Interaction stresses from recent great earthquakes on the Sunda Trench subduction zone have made another earthquake, this time under the Mentawai Islands, more likely. The megathrust under Siberut Island has not ruptured since the great 1797 earthquake and may be ripe for triggered failure. Paleogeodetic studies support a range of possible events, the smallest of which would rupture only that part of the megathrust which rupture in 1797 but not in 1833, the largest could propagate southward, breaking the Enganno Island barrier. The practical consequences of these events would depend crucially on their tsunami potential, which in turn depends on details of slip distribution on the future earthquake. Here we employ a Monte Carlo approach to the forward problem and model about 1000 possible earthquakes, calculating the seafloor displacements and tsunami wave height distributions resulting from the most likely 100 or so. Results forecast generally smaller tsunamis compared to those generated by the Sumatra-Andaman earthquake. We show that the Mentawai Islands, on the fore arc high, play a cruical role in moderating the tsunami hazard, reducing the impact of high slip on at intermediate depths on the megathrust and dissipating energy from tsunami waves generated over the trench. These results will help to constrain preparedness strategies around the Indian Ocean and in particular on western Sumatra.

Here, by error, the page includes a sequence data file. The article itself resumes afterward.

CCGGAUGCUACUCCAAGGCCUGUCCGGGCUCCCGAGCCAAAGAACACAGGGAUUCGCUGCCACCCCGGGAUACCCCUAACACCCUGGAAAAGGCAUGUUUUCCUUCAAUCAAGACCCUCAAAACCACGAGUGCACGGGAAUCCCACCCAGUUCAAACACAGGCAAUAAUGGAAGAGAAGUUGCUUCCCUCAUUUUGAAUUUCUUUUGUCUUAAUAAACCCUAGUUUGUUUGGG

|Number of pages||1|
|Publication status||Published - 11 Dec 2006|
|Event||American Geophysical Union: Fall Meeting - San Francisco, United States|
Duration: 11 Dec 2006 → 15 Dec 2006
|Conference||American Geophysical Union|
|Period||11/12/06 → 15/12/06|